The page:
- Embedded into laptops or mobile devices as “platform” authenticators.
In addition to being “something that you have,” FIDO authentication can incorporate various other types of factors, such as biometrics or PIN codes. FIDO2-compliant tokens are available from a variety of vendors.
A less widely available form of phishing-resistant MFA is tied to an enterprise’s PKI. PKI-based MFA comes in a variety of forms; a well-known form of PKI-based MFA is the smart cards that government agencies use to authenticate users to their computers. PKI-based MFA provides strong security and is sensible for large and complex organizations.
However, successfully deploying PKI-based MFA requires highly mature identity management practices. It is also not as widely supported by commonly used services and infrastructure, especially in the absence of SSO technologies. In most PKI-based MFA deployments, a user’s credentials are contained in a security chip on a smart card, and the card must be directly connected to a device for the user to log into the system (with the correct password or PIN). The U.S. government’s personal identity verification (PIV) card and common access card (CAC) are examples of PKI-based MFA.
These app-based authentication MFAs are resistant to push bombing but vulnerable to phishing. They are not applicable to SS7, and SIM swap attacks.
One-time Password (OTP)
App-based authenticators verify a user’s identity either by generating OTP codes or by sending “push” pop-up notifications to the mobile application.
Mobile push notification with number matching
In mobile push notification, the user accepts a “push” prompt sent to the mobile application to approve an access request. When number matching is implemented, there is an additional step between receiving and accepting the prompt: the user is required to enter numbers from the identity platform into the application to approve the authentication request. See CISA fact sheet Implement Number Matching in MFA Applications for more information.
Token-based authenticators verify a user’s identity by generating OTP codes that the user enters to prove possession of the token.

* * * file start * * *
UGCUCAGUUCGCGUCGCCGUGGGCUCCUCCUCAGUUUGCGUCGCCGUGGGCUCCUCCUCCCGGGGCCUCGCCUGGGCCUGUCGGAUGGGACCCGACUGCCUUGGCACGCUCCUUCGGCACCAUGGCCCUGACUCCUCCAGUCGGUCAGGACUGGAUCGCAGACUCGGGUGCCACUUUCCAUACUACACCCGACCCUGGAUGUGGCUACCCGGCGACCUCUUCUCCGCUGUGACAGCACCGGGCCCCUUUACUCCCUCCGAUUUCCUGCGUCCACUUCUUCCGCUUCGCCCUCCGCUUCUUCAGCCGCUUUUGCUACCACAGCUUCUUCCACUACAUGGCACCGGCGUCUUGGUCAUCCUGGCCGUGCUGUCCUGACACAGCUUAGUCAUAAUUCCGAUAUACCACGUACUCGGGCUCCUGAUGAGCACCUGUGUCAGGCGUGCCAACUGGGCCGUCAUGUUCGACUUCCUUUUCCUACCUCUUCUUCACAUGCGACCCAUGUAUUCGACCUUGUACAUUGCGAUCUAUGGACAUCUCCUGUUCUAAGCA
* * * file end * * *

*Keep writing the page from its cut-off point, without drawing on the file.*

Authentication via an app- or token-based OTP or mobile push with number matching is the best option for small- and medium-sized businesses that cannot immediately implement phishing-resistant MFA.
The following app-based MFA is vulnerable to push bombing attacks as well as user error:
Mobile application push notification without number matching
In a standard mobile app push notification without number matching, the user opens and accepts a “push” prompt sent to the mobile application to approve an access request. There is no additional step between receiving and accepting the prompt.
SMS or Voice
SMS or voice MFA works by sending a code to the user’s phone or email. The user then retrieves this second-factor code from their text or email inbox to use for login authentication.
Vulnerable to phishing, SS7, and SIM swap attacks, SMS or voice MFA should only be used as a last resort MFA option. However, it can serve as a temporary solution while organizations transition to a stronger MFA implementation.
Train Your Employees
A phishing-resistant MFA system can go a long way to protecting your organization from attacks, but human error can still lead to vulnerabilities. A thorough cybersecurity training program that includes multiple phishing campaigns annually will help your employees spot phishing attempts and avoid taking the bait.
CompliancePoint offers a full suite of cybersecurity services that will help your organization better defend itself from cyber-attacks, including cyber risk assessments and breach readiness assessments. Contact us at firstname.lastname@example.org to more about how we can help your business.